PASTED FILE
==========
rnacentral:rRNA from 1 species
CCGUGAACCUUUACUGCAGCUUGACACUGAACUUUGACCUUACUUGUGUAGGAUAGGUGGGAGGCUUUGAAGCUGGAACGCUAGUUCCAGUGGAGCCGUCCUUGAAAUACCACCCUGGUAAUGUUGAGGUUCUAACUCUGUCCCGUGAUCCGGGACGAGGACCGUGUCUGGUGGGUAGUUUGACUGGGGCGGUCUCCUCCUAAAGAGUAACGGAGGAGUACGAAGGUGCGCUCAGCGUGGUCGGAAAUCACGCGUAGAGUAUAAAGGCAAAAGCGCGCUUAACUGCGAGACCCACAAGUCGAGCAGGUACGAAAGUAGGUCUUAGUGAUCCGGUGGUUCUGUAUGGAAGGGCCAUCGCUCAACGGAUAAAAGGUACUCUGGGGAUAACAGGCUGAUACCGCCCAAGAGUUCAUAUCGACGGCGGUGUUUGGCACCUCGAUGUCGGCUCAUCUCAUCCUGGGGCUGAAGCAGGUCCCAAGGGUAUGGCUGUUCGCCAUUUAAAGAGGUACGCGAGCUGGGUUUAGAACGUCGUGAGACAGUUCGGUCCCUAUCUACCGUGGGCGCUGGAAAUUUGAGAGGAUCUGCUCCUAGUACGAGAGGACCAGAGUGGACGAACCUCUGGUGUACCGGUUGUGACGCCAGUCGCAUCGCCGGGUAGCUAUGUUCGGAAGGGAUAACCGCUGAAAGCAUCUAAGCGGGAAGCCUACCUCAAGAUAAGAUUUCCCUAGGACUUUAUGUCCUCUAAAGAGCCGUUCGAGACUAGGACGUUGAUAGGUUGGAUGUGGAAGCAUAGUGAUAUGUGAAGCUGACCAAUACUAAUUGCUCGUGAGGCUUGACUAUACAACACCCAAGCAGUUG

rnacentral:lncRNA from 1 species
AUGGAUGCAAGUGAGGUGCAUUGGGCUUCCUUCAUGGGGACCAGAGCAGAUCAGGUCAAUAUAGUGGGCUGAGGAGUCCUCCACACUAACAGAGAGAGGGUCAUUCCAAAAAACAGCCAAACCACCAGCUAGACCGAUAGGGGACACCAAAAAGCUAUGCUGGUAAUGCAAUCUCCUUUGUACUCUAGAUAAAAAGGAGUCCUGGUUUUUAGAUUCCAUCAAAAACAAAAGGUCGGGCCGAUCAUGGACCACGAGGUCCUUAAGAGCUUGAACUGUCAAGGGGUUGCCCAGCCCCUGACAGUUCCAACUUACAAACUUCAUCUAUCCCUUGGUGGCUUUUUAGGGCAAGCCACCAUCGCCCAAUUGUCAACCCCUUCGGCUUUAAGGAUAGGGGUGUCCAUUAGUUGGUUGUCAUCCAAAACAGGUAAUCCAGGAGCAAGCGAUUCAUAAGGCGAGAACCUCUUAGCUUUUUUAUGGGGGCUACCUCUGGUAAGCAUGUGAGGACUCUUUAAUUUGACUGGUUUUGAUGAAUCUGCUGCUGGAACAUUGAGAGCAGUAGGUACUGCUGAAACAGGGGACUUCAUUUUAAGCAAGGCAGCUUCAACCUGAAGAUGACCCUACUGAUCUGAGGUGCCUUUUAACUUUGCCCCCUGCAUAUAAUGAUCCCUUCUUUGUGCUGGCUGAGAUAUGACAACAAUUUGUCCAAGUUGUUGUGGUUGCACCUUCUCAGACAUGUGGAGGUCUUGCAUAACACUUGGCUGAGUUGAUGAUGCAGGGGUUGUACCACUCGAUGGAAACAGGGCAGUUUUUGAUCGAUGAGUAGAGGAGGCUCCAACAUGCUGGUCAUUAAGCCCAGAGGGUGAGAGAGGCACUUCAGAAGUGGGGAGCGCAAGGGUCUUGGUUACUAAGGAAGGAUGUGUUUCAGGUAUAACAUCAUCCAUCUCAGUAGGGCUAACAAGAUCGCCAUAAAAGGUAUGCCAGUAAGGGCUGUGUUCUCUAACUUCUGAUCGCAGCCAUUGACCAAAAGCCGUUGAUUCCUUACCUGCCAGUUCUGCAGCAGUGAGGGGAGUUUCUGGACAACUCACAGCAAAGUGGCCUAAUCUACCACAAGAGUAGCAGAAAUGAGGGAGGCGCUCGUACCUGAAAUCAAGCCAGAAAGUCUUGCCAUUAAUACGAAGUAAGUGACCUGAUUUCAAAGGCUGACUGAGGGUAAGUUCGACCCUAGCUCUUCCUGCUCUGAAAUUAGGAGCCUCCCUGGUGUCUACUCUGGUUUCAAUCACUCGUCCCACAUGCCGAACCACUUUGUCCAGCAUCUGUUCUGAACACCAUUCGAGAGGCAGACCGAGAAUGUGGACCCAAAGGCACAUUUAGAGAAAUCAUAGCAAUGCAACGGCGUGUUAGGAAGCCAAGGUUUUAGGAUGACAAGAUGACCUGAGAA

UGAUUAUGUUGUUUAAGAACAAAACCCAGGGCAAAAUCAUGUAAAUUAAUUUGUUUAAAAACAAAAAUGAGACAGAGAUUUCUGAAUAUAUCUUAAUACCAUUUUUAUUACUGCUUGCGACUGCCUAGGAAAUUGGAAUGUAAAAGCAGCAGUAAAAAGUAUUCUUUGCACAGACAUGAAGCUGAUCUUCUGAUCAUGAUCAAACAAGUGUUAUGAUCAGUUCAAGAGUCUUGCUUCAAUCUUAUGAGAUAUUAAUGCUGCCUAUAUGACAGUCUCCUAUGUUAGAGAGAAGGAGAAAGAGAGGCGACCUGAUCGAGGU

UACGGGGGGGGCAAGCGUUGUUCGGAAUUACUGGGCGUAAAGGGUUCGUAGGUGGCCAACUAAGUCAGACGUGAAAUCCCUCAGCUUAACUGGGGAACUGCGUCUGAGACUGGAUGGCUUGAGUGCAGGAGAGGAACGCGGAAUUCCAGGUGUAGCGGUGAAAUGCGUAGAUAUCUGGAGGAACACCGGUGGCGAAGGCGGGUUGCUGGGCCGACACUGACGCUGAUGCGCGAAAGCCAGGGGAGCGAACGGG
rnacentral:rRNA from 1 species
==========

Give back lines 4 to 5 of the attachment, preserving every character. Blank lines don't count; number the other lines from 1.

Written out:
AUGGAUGCAAGUGAGGUGCAUUGGGCUUCCUUCAUGGGGACCAGAGCAGAUCAGGUCAAUAUAGUGGGCUGAGGAGUCCUCCACACUAACAGAGAGAGGGUCAUUCCAAAAAACAGCCAAACCACCAGCUAGACCGAUAGGGGACACCAAAAAGCUAUGCUGGUAAUGCAAUCUCCUUUGUACUCUAGAUAAAAAGGAGUCCUGGUUUUUAGAUUCCAUCAAAAACAAAAGGUCGGGCCGAUCAUGGACCACGAGGUCCUUAAGAGCUUGAACUGUCAAGGGGUUGCCCAGCCCCUGACAGUUCCAACUUACAAACUUCAUCUAUCCCUUGGUGGCUUUUUAGGGCAAGCCACCAUCGCCCAAUUGUCAACCCCUUCGGCUUUAAGGAUAGGGGUGUCCAUUAGUUGGUUGUCAUCCAAAACAGGUAAUCCAGGAGCAAGCGAUUCAUAAGGCGAGAACCUCUUAGCUUUUUUAUGGGGGCUACCUCUGGUAAGCAUGUGAGGACUCUUUAAUUUGACUGGUUUUGAUGAAUCUGCUGCUGGAACAUUGAGAGCAGUAGGUACUGCUGAAACAGGGGACUUCAUUUUAAGCAAGGCAGCUUCAACCUGAAGAUGACCCUACUGAUCUGAGGUGCCUUUUAACUUUGCCCCCUGCAUAUAAUGAUCCCUUCUUUGUGCUGGCUGAGAUAUGACAACAAUUUGUCCAAGUUGUUGUGGUUGCACCUUCUCAGACAUGUGGAGGUCUUGCAUAACACUUGGCUGAGUUGAUGAUGCAGGGGUUGUACCACUCGAUGGAAACAGGGCAGUUUUUGAUCGAUGAGUAGAGGAGGCUCCAACAUGCUGGUCAUUAAGCCCAGAGGGUGAGAGAGGCACUUCAGAAGUGGGGAGCGCAAGGGUCUUGGUUACUAAGGAAGGAUGUGUUUCAGGUAUAACAUCAUCCAUCUCAGUAGGGCUAACAAGAUCGCCAUAAAAGGUAUGCCAGUAAGGGCUGUGUUCUCUAACUUCUGAUCGCAGCCAUUGACCAAAAGCCGUUGAUUCCUUACCUGCCAGUUCUGCAGCAGUGAGGGGAGUUUCUGGACAACUCACAGCAAAGUGGCCUAAUCUACCACAAGAGUAGCAGAAAUGAGGGAGGCGCUCGUACCUGAAAUCAAGCCAGAAAGUCUUGCCAUUAAUACGAAGUAAGUGACCUGAUUUCAAAGGCUGACUGAGGGUAAGUUCGACCCUAGCUCUUCCUGCUCUGAAAUUAGGAGCCUCCCUGGUGUCUACUCUGGUUUCAAUCACUCGUCCCACAUGCCGAACCACUUUGUCCAGCAUCUGUUCUGAACACCAUUCGAGAGGCAGACCGAGAAUGUGGACCCAAAGGCACAUUUAGAGAAAUCAUAGCAAUGCAACGGCGUGUUAGGAAGCCAAGGUUUUAGGAUGACAAGAUGACCUGAGAA

UGAUUAUGUUGUUUAAGAACAAAACCCAGGGCAAAAUCAUGUAAAUUAAUUUGUUUAAAAACAAAAAUGAGACAGAGAUUUCUGAAUAUAUCUUAAUACCAUUUUUAUUACUGCUUGCGACUGCCUAGGAAAUUGGAAUGUAAAAGCAGCAGUAAAAAGUAUUCUUUGCACAGACAUGAAGCUGAUCUUCUGAUCAUGAUCAAACAAGUGUUAUGAUCAGUUCAAGAGUCUUGCUUCAAUCUUAUGAGAUAUUAAUGCUGCCUAUAUGACAGUCUCCUAUGUUAGAGAGAAGGAGAAAGAGAGGCGACCUGAUCGAGGU